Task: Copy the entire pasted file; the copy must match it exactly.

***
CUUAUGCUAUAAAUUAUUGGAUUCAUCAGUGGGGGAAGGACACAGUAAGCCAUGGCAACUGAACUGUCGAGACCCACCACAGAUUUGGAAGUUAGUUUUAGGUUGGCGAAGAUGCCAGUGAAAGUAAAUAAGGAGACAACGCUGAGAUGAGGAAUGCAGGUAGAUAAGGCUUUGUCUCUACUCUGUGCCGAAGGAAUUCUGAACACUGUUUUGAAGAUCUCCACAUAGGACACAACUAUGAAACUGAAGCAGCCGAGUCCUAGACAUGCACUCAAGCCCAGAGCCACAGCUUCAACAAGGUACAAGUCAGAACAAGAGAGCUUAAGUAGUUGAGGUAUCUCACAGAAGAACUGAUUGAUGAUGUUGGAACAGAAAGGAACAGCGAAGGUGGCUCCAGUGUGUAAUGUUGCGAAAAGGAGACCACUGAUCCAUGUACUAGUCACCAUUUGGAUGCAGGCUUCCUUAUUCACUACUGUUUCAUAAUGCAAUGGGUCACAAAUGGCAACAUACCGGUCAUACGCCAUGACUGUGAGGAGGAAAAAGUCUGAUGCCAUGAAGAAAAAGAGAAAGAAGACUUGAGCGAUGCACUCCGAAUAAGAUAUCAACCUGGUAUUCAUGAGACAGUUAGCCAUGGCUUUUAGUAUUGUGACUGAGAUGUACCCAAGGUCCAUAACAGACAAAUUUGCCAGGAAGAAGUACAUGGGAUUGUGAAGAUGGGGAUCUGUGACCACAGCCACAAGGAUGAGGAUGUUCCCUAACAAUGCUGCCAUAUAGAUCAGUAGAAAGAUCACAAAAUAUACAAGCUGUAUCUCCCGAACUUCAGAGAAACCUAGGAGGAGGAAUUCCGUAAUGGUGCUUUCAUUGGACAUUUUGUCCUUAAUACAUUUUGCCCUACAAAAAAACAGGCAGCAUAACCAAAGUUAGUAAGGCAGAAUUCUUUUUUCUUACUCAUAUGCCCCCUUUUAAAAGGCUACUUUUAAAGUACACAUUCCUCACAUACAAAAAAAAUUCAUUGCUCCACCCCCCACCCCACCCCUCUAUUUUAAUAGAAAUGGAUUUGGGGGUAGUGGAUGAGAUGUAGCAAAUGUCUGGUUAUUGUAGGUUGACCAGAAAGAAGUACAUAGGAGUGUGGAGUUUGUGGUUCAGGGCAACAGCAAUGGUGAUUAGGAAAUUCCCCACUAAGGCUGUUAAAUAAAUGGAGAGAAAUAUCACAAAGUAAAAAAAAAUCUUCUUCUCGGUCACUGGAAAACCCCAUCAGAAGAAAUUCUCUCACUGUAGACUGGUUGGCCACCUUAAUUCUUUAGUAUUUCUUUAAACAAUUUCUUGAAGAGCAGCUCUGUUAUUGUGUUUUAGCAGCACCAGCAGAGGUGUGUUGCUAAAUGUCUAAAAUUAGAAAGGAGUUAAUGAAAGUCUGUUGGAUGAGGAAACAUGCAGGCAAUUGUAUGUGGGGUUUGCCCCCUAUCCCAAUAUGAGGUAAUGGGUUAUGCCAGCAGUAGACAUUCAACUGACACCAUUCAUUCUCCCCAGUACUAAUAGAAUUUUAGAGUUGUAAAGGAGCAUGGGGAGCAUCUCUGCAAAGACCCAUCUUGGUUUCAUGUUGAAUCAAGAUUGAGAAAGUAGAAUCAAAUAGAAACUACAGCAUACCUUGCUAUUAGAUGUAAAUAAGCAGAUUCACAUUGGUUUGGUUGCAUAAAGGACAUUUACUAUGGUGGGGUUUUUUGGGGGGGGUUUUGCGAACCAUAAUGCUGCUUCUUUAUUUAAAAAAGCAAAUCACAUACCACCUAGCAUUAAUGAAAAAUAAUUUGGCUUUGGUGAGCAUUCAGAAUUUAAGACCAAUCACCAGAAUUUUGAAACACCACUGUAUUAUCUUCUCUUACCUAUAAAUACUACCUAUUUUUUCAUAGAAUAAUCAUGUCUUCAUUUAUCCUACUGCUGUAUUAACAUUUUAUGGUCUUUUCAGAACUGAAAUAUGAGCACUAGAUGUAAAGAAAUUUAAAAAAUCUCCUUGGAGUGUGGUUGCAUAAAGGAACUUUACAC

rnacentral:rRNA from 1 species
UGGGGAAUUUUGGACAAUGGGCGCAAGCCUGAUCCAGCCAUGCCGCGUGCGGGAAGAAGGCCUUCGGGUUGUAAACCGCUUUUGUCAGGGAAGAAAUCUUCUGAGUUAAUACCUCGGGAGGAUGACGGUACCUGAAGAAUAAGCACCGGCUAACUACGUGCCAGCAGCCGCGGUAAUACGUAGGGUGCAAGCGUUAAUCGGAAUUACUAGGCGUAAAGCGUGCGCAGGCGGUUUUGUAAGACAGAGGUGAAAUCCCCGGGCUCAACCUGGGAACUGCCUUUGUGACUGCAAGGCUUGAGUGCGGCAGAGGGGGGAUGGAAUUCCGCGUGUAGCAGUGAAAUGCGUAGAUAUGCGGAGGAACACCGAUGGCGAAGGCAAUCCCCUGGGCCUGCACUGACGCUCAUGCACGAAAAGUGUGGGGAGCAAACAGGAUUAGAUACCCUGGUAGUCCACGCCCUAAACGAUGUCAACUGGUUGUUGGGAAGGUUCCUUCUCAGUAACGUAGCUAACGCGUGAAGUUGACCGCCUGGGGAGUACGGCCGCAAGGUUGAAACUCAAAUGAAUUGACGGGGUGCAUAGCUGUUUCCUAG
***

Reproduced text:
CUUAUGCUAUAAAUUAUUGGAUUCAUCAGUGGGGGAAGGACACAGUAAGCCAUGGCAACUGAACUGUCGAGACCCACCACAGAUUUGGAAGUUAGUUUUAGGUUGGCGAAGAUGCCAGUGAAAGUAAAUAAGGAGACAACGCUGAGAUGAGGAAUGCAGGUAGAUAAGGCUUUGUCUCUACUCUGUGCCGAAGGAAUUCUGAACACUGUUUUGAAGAUCUCCACAUAGGACACAACUAUGAAACUGAAGCAGCCGAGUCCUAGACAUGCACUCAAGCCCAGAGCCACAGCUUCAACAAGGUACAAGUCAGAACAAGAGAGCUUAAGUAGUUGAGGUAUCUCACAGAAGAACUGAUUGAUGAUGUUGGAACAGAAAGGAACAGCGAAGGUGGCUCCAGUGUGUAAUGUUGCGAAAAGGAGACCACUGAUCCAUGUACUAGUCACCAUUUGGAUGCAGGCUUCCUUAUUCACUACUGUUUCAUAAUGCAAUGGGUCACAAAUGGCAACAUACCGGUCAUACGCCAUGACUGUGAGGAGGAAAAAGUCUGAUGCCAUGAAGAAAAAGAGAAAGAAGACUUGAGCGAUGCACUCCGAAUAAGAUAUCAACCUGGUAUUCAUGAGACAGUUAGCCAUGGCUUUUAGUAUUGUGACUGAGAUGUACCCAAGGUCCAUAACAGACAAAUUUGCCAGGAAGAAGUACAUGGGAUUGUGAAGAUGGGGAUCUGUGACCACAGCCACAAGGAUGAGGAUGUUCCCUAACAAUGCUGCCAUAUAGAUCAGUAGAAAGAUCACAAAAUAUACAAGCUGUAUCUCCCGAACUUCAGAGAAACCUAGGAGGAGGAAUUCCGUAAUGGUGCUUUCAUUGGACAUUUUGUCCUUAAUACAUUUUGCCCUACAAAAAAACAGGCAGCAUAACCAAAGUUAGUAAGGCAGAAUUCUUUUUUCUUACUCAUAUGCCCCCUUUUAAAAGGCUACUUUUAAAGUACACAUUCCUCACAUACAAAAAAAAUUCAUUGCUCCACCCCCCACCCCACCCCUCUAUUUUAAUAGAAAUGGAUUUGGGGGUAGUGGAUGAGAUGUAGCAAAUGUCUGGUUAUUGUAGGUUGACCAGAAAGAAGUACAUAGGAGUGUGGAGUUUGUGGUUCAGGGCAACAGCAAUGGUGAUUAGGAAAUUCCCCACUAAGGCUGUUAAAUAAAUGGAGAGAAAUAUCACAAAGUAAAAAAAAAUCUUCUUCUCGGUCACUGGAAAACCCCAUCAGAAGAAAUUCUCUCACUGUAGACUGGUUGGCCACCUUAAUUCUUUAGUAUUUCUUUAAACAAUUUCUUGAAGAGCAGCUCUGUUAUUGUGUUUUAGCAGCACCAGCAGAGGUGUGUUGCUAAAUGUCUAAAAUUAGAAAGGAGUUAAUGAAAGUCUGUUGGAUGAGGAAACAUGCAGGCAAUUGUAUGUGGGGUUUGCCCCCUAUCCCAAUAUGAGGUAAUGGGUUAUGCCAGCAGUAGACAUUCAACUGACACCAUUCAUUCUCCCCAGUACUAAUAGAAUUUUAGAGUUGUAAAGGAGCAUGGGGAGCAUCUCUGCAAAGACCCAUCUUGGUUUCAUGUUGAAUCAAGAUUGAGAAAGUAGAAUCAAAUAGAAACUACAGCAUACCUUGCUAUUAGAUGUAAAUAAGCAGAUUCACAUUGGUUUGGUUGCAUAAAGGACAUUUACUAUGGUGGGGUUUUUUGGGGGGGGUUUUGCGAACCAUAAUGCUGCUUCUUUAUUUAAAAAAGCAAAUCACAUACCACCUAGCAUUAAUGAAAAAUAAUUUGGCUUUGGUGAGCAUUCAGAAUUUAAGACCAAUCACCAGAAUUUUGAAACACCACUGUAUUAUCUUCUCUUACCUAUAAAUACUACCUAUUUUUUCAUAGAAUAAUCAUGUCUUCAUUUAUCCUACUGCUGUAUUAACAUUUUAUGGUCUUUUCAGAACUGAAAUAUGAGCACUAGAUGUAAAGAAAUUUAAAAAAUCUCCUUGGAGUGUGGUUGCAUAAAGGAACUUUACAC

rnacentral:rRNA from 1 species
UGGGGAAUUUUGGACAAUGGGCGCAAGCCUGAUCCAGCCAUGCCGCGUGCGGGAAGAAGGCCUUCGGGUUGUAAACCGCUUUUGUCAGGGAAGAAAUCUUCUGAGUUAAUACCUCGGGAGGAUGACGGUACCUGAAGAAUAAGCACCGGCUAACUACGUGCCAGCAGCCGCGGUAAUACGUAGGGUGCAAGCGUUAAUCGGAAUUACUAGGCGUAAAGCGUGCGCAGGCGGUUUUGUAAGACAGAGGUGAAAUCCCCGGGCUCAACCUGGGAACUGCCUUUGUGACUGCAAGGCUUGAGUGCGGCAGAGGGGGGAUGGAAUUCCGCGUGUAGCAGUGAAAUGCGUAGAUAUGCGGAGGAACACCGAUGGCGAAGGCAAUCCCCUGGGCCUGCACUGACGCUCAUGCACGAAAAGUGUGGGGAGCAAACAGGAUUAGAUACCCUGGUAGUCCACGCCCUAAACGAUGUCAACUGGUUGUUGGGAAGGUUCCUUCUCAGUAACGUAGCUAACGCGUGAAGUUGACCGCCUGGGGAGUACGGCCGCAAGGUUGAAACUCAAAUGAAUUGACGGGGUGCAUAGCUGUUUCCUAG